Often, even with the simplest business, we can still feel overwhelmed. Reality changes when we give it stories and meaning. Operating from a position of leadership, confidence, and self-advocacy will feel very different than acting powerless, self-defeating, and confused. This is more complicated than just snapping your fingers and thinking differently, of course, so take it slow and go easy on yourself. You may consider finding a self-belief coach or a therapist to help you work through this step.
6. Update Your Habits
Your self-talk, reactions, and actions are all rooted in habits. If you have a habit of feeling overwhelmed, you’re more likely to feel overwhelmed. Over-complicating things is also a common habit. Break the habit by trying something new, even if it’s little, to take back your power. I talk about this as doing little experiments to help make new meaning about the world and update your beliefs. The more little successes you have, the easier the big shifts will be.
7. Know What Grounds You
We all need space and time to decompress. It’s up to you as the leader of your business to know how you feel the most refreshed and empowered. What makes you feel amazing? What helps you feel confident and like a leader? Reconnecting with these things will help you approach your business with calmer energy, which will aid you in making better decisions.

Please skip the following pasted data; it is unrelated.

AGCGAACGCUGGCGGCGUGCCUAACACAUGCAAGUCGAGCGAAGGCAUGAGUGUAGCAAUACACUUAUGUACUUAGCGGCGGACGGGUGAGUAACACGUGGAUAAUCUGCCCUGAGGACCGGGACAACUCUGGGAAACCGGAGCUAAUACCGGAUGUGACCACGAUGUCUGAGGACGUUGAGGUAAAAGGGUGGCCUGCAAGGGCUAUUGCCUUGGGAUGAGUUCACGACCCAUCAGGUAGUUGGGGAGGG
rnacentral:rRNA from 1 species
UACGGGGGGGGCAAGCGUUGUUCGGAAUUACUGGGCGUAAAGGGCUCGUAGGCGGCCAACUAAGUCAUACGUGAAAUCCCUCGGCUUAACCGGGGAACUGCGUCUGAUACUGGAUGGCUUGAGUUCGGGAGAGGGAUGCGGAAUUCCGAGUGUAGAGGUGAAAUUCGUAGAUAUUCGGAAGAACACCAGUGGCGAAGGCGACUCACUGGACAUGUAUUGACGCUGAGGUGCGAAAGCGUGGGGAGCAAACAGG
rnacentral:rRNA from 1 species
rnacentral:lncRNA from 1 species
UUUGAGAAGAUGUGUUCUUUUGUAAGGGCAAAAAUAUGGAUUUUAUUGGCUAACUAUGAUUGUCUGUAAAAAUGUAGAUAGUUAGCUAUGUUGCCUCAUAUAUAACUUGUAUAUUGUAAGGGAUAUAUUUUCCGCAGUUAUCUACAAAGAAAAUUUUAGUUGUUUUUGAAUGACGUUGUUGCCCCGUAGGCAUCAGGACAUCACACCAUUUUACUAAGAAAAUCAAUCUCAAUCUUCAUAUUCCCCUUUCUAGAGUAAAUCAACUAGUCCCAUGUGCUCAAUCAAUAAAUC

These suggestions are just the tip of the iceberg, so let your creativity and intuition come through and see what comes up for you. It will almost certainly help to take 20 minutes away from the rushing and day-to-day tasks of your business to think about this question more deeply. A mindmap is my go-to tool for this kind of brainstorming.
Once you’re in a calm place, notice which of these suggestions you gravitate to. The first few are all about what you’re “doing” and the last few are more about how you’re “being”. Both are important, and they can give you clues about what you might need most in your business. Overwhelm could be a function of taking on too many things, or it could be an internal state…both can be signs that self-doubt is at play. And I can’t state this often enough: overwhelm is completely subjective. We all experience it very differently, so how we manage it will be different for everyone.
Takeaways and Next Steps:
- Having a simplified or minimalist business is not intuitive to everyone. In fact, the way we’re taught to run our businesses is quite complex. It takes intentionality to simplify and stick to it.
- Take time to think through these concepts outside of the routine of your busy day. Tap into your creativity and intuition and see what feels like the right path for you.
- Some ways to simplify involve what you’re “doing”, and some involve how you’re “being”. Consider starting with one idea from each and see what happens.
Looking for an alternative to the mainstream business advice you read online? Stephanie gives you practical guidance to do business on your own terms. No nonsense, thorough, and immediately useful, these weekly emails cut to the chase of what you really need to succeed without compromising your values or working yourself into the ground. To get articles and behind-the-scenes business insights delivered right to your inbox, subscribe to her weekly Permission Slips here.